Why I Use Paypal
The solution might be to stop using PayPal-based payment systems (such as e-junkie) and start using a real registration provider, such as Advangate, Plimus, etc.
Yes, their commisions may be higher. However, PayPal introduces an uncertainity factor.
There are hundreads of stories of people who used PayPal, were happy, and then got their accounts closed and funds frozen for no reason at all – and couldn’t do anything about it.
This is a comment point of view among folks running uISVs, and it comes up in the Business of Software boards fairly frequently (as night follows day, so shall PaypalSucks follow Paypal). I respectfully believe it to be mistaken, and as this is a crucial decision for a business to make, have decided to address it here rather than in a comment.
I have used a “real” registration provider. The experience was worse for me, and for my customers, than the experience with Paypal has been. Whereas I have never lost a dime on Paypal in 7 years, I have never successfully recouped a penny off of close to $100 in sales on eSellerate due to obtusely difficult processes to connect me to my money. Their ordering pathway is also inferior to Paypal’s, and their workflow is tedious and overly complicated for my needs.
My relationship with Paypal (since 2000), like my relationship with my bank, with Google, and with the Java community, is a calculated risk. I cannot be sure that my Paypal balance will not be frozen tomorrow. I also cannot be sure that my bank will not suddenly lose my records, that Google will not consign me to PRgatory, and that the Java ecosystem will not evolve in a way iminical to my interests. In the meanwhile, these calculated risks save me hundreds of dollars versus the next best alternatives.
Why is this a crucial issue? The dollars make sense. On my 2006 sales, Avantage would have cost me $270 extra. Plimus. approximately $150 extra. etc, etc. That is on a pre-tax profit of approximately $1,250. That cost, unlike almost every other cost in my business, scales linearly with sales. When phenomenally successful Andy Brice asks “What am I getting for an extra $880 per thousand transactions?” that is not a hypothetical question. (Ahh, a thousand transactions — maybe next year. My 2007 goal is 400.)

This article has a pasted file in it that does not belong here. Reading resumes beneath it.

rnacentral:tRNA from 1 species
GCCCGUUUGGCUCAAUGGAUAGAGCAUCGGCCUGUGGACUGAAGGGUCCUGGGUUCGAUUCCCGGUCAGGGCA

Even if RandomSharewarePaymentProcessor were able to offer me 4.16% processing fees (($24.95 * 2.9% + $0.30)/ $24.95), I would be very hesitant to leave Paypal. In my market, where non-technical customers abound and eBay is a way of life, customer trust for Paypal is a heck of a lot higher than customer trust is for Patrick McKenzie. Trust is currency, because without trust I get no currency. The Paypal name means “Buy here and you’re covered” to the astoundingly high seventy percent of my customers who have an account with them. Its like the Good Housekeeping Seal of Approval, 2007 Edition.
Finally, speaking of ecosystems, Paypal is big enough to have one. This has resulted in numerous services springing up around Paypal, such as e-junkie and Payloadz. I have sung the praises of e-junkie on many occasions.
P.S. If the prospect of having your Paypal account frozen is still too scary to contemplate, consider a) telling them to “auto-sweep” (transfer the entire balance daily into your bank account) or b) sweeping manually, keeping perhaps 2 sales worth to cover any refunds you may need to issue or chargebacks you may need to absorb. This limits my maximum losses on Paypal to approximately $50, plus whatever damage to my business continuity the freeze would cause before I could type “mv purchasing_esellerate.htm purchasing.htm” into a terminal somewhere. If you’re particularly paranoid, get an extra account at your bank to link Paypal to, since they can’t then use ACH to muck with the cash in your real bank account. Most banks will hand out checking accounts like they are candy (although it might cost you a hard inquiry on your credit report).